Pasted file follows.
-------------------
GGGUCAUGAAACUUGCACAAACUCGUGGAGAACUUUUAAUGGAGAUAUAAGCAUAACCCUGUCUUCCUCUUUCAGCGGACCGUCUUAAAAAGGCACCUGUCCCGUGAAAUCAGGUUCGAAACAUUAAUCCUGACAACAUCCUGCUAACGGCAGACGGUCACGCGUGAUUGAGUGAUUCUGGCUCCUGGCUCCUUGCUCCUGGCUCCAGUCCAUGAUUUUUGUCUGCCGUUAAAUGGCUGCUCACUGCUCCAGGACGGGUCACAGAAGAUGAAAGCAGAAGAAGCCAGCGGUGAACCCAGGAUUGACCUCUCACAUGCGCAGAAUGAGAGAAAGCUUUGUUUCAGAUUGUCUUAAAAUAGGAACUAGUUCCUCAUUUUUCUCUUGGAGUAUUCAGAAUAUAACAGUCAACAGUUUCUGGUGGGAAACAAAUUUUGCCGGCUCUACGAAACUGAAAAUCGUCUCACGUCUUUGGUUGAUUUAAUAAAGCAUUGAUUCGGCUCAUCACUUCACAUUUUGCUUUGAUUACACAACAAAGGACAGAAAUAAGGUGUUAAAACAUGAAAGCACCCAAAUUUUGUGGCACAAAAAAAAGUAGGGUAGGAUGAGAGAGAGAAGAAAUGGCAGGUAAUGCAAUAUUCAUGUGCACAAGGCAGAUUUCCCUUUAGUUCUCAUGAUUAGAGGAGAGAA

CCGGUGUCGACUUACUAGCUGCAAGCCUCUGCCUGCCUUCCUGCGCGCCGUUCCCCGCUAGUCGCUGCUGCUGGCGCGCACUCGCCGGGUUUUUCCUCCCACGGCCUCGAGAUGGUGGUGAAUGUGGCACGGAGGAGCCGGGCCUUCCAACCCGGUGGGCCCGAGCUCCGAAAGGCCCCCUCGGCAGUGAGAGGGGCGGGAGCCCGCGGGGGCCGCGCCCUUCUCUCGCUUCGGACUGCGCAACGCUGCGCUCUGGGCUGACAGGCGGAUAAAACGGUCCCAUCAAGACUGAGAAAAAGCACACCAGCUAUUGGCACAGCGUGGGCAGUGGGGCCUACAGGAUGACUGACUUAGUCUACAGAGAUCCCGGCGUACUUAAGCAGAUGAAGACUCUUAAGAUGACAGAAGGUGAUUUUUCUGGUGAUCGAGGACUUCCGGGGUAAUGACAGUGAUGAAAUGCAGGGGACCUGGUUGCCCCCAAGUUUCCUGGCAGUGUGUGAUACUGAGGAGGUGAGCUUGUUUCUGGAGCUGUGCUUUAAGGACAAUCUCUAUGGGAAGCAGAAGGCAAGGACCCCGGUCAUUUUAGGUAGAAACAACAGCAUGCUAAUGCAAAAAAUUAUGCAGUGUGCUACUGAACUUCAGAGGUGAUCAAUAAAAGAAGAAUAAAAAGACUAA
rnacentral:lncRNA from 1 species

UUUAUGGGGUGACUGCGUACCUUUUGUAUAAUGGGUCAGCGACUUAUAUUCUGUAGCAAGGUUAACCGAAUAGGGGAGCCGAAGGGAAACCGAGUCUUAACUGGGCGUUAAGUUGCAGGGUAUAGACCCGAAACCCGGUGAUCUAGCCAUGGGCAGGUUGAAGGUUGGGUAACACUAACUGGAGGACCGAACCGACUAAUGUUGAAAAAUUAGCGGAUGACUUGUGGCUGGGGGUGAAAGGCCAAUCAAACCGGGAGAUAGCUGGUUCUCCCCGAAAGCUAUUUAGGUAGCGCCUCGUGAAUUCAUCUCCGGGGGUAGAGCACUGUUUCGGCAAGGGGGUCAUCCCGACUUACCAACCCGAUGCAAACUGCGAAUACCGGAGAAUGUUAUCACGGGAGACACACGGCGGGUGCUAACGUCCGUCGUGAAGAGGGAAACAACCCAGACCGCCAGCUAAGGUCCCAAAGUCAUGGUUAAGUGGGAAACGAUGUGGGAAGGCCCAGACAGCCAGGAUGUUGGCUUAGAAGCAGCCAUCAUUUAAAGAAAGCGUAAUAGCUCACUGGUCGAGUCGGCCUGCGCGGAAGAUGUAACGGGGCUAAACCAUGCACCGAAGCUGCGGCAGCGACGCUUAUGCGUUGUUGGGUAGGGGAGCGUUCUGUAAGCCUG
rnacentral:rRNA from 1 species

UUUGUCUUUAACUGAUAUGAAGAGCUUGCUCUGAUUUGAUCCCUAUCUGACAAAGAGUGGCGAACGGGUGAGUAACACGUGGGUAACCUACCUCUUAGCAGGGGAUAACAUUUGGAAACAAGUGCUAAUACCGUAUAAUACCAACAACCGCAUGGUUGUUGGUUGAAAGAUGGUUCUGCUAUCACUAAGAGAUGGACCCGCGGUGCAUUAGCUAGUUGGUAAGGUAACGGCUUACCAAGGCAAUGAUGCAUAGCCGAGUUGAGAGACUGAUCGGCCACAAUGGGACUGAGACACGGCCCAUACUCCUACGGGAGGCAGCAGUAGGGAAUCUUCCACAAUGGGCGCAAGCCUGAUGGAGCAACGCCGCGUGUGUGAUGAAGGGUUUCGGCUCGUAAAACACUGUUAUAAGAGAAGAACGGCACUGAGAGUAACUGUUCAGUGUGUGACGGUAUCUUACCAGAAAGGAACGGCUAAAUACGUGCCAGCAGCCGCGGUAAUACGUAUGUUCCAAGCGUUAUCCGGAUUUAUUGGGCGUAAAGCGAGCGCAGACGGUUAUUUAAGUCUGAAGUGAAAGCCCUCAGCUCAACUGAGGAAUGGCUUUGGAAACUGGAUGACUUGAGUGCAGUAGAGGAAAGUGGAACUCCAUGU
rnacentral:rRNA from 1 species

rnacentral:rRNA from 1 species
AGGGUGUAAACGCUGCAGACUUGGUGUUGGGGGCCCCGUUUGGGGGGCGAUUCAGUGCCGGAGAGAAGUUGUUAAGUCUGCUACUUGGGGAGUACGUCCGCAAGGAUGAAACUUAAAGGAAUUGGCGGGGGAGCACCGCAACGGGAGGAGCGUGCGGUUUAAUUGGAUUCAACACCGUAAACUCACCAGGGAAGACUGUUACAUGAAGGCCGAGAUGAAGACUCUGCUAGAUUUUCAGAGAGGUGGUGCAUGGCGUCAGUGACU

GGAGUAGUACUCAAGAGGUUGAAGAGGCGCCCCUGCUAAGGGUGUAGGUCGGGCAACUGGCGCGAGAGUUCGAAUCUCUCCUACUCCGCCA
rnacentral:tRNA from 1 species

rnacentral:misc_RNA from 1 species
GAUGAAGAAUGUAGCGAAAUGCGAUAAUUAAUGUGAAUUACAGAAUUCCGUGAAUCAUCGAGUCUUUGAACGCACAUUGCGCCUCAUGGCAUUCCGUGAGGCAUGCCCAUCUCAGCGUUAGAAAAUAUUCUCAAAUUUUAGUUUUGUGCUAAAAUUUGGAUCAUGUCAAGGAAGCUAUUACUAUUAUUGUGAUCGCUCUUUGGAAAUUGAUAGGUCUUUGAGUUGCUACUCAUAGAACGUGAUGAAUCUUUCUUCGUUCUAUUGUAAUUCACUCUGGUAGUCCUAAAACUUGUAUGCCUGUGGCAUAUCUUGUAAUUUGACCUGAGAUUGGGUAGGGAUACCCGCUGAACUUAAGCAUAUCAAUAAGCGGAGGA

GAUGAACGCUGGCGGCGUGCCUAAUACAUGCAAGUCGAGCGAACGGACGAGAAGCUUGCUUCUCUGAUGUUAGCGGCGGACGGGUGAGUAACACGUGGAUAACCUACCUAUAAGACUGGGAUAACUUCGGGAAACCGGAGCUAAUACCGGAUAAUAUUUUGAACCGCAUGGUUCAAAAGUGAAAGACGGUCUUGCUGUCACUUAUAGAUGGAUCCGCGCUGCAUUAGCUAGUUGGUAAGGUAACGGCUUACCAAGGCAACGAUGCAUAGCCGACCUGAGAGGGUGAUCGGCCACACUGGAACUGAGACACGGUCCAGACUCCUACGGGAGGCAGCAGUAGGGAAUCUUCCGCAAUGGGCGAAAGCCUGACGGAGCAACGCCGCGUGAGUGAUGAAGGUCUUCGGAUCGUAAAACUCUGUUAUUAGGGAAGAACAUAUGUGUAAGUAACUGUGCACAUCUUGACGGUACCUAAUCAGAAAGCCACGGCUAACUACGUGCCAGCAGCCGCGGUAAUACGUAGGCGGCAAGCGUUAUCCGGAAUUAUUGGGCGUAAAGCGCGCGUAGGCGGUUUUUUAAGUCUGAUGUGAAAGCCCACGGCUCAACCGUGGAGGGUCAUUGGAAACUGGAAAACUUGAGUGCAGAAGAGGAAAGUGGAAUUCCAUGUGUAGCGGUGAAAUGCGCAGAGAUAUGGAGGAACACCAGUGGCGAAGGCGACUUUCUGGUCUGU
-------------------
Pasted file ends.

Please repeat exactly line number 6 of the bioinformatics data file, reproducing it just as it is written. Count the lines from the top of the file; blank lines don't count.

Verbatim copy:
UUUGUCUUUAACUGAUAUGAAGAGCUUGCUCUGAUUUGAUCCCUAUCUGACAAAGAGUGGCGAACGGGUGAGUAACACGUGGGUAACCUACCUCUUAGCAGGGGAUAACAUUUGGAAACAAGUGCUAAUACCGUAUAAUACCAACAACCGCAUGGUUGUUGGUUGAAAGAUGGUUCUGCUAUCACUAAGAGAUGGACCCGCGGUGCAUUAGCUAGUUGGUAAGGUAACGGCUUACCAAGGCAAUGAUGCAUAGCCGAGUUGAGAGACUGAUCGGCCACAAUGGGACUGAGACACGGCCCAUACUCCUACGGGAGGCAGCAGUAGGGAAUCUUCCACAAUGGGCGCAAGCCUGAUGGAGCAACGCCGCGUGUGUGAUGAAGGGUUUCGGCUCGUAAAACACUGUUAUAAGAGAAGAACGGCACUGAGAGUAACUGUUCAGUGUGUGACGGUAUCUUACCAGAAAGGAACGGCUAAAUACGUGCCAGCAGCCGCGGUAAUACGUAUGUUCCAAGCGUUAUCCGGAUUUAUUGGGCGUAAAGCGAGCGCAGACGGUUAUUUAAGUCUGAAGUGAAAGCCCUCAGCUCAACUGAGGAAUGGCUUUGGAAACUGGAUGACUUGAGUGCAGUAGAGGAAAGUGGAACUCCAUGU